The NSW Land and Environment Court found government-appointed delegates who recommended mergers for Mosman and North Sydney with Willoughby City Council and Burwood and Canada Bay with Strathfield Council had not followed the Local Government Act. The court found there was "no proper statutory foundation" for either of the proposed amalgamations, given the flaws in the delegates’ recommendations, and set the mergers aside.

About 20 National Gallery of Australia staff were told on Friday September 16 their jobs would not exist on Monday.

The gallery's deputy director, Kirsten Paisley, told staff they would be transferred to other areas of the gallery or offered voluntary redundancies.

The job cuts represent about 8% of the gallery workforce, including some senior positions. 

Hobart City Council has joined eight other Australian councils in pledging to end its involvement with any company profiting from abusive practices towards people seeking asylum.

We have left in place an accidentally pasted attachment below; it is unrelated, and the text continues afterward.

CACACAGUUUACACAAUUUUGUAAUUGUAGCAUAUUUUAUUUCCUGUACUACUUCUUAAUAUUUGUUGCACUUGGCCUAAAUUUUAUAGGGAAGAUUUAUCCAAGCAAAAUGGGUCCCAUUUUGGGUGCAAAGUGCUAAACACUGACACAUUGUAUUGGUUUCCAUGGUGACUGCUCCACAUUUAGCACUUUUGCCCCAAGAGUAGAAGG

The pledge states that the council will no longer do business with companies, such as Wilson Security and Ferrovial’s Broadspectrum, that take up contracts in Australia’s immigration detention camps.

Connect Settlement Services, the company that provides welfare services for refugees and asylum seekers on Nauru, has told the federal government it will not re-apply when its contract lapses in December.

The company, which has about 100 staff on the island, provides health and education services and helps refugees look for work in the Nauru community.

Both professional and volunteer firefighters have spoken against the federal government's proposed new law aimed at blocking the implementation of the Victorian Country Fire Authority (CFA) enterprise agreement.